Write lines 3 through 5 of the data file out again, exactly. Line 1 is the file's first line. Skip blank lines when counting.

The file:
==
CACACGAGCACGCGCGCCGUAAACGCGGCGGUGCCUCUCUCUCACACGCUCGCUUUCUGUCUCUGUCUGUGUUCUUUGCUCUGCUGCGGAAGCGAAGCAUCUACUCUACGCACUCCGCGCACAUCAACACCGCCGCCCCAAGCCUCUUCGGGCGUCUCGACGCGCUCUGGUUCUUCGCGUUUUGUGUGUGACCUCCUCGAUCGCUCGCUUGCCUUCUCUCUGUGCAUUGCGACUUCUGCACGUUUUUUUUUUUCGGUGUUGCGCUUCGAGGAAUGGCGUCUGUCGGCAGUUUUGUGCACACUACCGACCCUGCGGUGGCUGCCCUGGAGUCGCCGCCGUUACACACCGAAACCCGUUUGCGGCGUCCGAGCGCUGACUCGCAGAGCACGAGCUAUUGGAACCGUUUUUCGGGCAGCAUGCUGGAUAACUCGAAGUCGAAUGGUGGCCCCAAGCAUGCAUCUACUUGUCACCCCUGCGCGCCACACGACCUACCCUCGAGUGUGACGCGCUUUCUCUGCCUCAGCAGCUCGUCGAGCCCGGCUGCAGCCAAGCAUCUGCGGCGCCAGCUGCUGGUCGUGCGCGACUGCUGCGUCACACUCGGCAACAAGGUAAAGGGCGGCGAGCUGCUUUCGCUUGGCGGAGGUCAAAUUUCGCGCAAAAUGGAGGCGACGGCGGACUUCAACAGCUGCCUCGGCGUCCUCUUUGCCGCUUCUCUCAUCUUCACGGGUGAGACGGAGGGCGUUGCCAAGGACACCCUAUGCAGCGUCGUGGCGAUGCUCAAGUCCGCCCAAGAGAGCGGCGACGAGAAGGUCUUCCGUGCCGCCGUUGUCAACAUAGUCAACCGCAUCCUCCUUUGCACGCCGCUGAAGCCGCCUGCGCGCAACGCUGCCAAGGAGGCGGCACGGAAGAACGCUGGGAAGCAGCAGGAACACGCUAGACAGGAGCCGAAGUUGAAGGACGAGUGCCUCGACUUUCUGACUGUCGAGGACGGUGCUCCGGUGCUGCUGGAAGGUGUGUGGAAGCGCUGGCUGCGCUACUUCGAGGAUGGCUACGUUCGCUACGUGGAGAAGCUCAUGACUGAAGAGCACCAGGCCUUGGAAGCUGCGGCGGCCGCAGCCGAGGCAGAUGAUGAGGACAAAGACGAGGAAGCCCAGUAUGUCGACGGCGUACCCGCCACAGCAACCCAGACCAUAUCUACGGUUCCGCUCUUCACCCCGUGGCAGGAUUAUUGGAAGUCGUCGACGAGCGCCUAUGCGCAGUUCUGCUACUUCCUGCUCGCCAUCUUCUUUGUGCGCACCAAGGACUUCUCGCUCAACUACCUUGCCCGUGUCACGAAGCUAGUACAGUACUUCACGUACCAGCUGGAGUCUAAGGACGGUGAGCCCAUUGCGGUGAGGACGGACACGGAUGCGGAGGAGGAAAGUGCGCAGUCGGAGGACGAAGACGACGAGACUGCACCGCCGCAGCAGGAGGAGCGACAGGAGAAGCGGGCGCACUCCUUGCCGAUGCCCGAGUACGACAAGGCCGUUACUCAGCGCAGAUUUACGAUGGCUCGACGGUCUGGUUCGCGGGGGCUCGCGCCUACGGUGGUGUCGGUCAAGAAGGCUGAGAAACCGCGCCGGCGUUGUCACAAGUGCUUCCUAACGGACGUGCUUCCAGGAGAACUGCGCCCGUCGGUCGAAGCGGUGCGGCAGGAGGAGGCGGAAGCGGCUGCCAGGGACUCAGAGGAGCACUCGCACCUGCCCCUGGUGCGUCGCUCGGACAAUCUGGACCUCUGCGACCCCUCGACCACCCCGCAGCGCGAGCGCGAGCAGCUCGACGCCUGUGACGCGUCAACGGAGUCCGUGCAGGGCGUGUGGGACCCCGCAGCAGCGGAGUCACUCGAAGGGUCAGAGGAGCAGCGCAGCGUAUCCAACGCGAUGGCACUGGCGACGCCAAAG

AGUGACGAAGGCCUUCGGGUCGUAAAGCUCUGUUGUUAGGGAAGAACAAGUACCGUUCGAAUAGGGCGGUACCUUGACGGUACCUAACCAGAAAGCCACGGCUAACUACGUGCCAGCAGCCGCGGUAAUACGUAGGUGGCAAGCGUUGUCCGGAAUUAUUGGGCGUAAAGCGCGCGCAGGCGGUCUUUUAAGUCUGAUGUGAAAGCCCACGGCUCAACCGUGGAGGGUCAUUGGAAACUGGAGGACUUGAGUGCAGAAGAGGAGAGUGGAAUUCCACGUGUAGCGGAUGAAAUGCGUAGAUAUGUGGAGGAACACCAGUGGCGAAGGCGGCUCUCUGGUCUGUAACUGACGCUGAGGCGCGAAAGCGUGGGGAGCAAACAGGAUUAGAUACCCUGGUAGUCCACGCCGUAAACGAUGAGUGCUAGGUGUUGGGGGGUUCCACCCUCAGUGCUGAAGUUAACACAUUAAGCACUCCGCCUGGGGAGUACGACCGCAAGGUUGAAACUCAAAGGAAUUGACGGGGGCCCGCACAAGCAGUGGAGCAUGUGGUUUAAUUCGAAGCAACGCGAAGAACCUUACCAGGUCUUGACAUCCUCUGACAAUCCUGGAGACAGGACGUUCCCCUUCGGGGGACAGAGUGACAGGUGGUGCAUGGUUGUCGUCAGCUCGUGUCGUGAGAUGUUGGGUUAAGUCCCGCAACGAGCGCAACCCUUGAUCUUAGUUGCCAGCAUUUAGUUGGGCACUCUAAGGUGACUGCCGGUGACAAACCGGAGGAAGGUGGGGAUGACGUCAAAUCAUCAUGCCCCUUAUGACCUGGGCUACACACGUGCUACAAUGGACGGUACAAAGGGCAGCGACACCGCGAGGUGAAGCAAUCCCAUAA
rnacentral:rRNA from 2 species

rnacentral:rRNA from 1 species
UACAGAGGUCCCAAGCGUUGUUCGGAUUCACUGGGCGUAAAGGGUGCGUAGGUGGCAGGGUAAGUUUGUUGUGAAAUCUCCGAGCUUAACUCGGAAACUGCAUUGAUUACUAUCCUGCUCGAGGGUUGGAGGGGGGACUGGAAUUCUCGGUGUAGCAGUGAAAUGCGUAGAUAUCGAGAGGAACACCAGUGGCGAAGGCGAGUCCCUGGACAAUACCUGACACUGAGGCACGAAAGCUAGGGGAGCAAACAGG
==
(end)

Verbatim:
rnacentral:rRNA from 2 species

rnacentral:rRNA from 1 species
UACAGAGGUCCCAAGCGUUGUUCGGAUUCACUGGGCGUAAAGGGUGCGUAGGUGGCAGGGUAAGUUUGUUGUGAAAUCUCCGAGCUUAACUCGGAAACUGCAUUGAUUACUAUCCUGCUCGAGGGUUGGAGGGGGGACUGGAAUUCUCGGUGUAGCAGUGAAAUGCGUAGAUAUCGAGAGGAACACCAGUGGCGAAGGCGAGUCCCUGGACAAUACCUGACACUGAGGCACGAAAGCUAGGGGAGCAAACAGG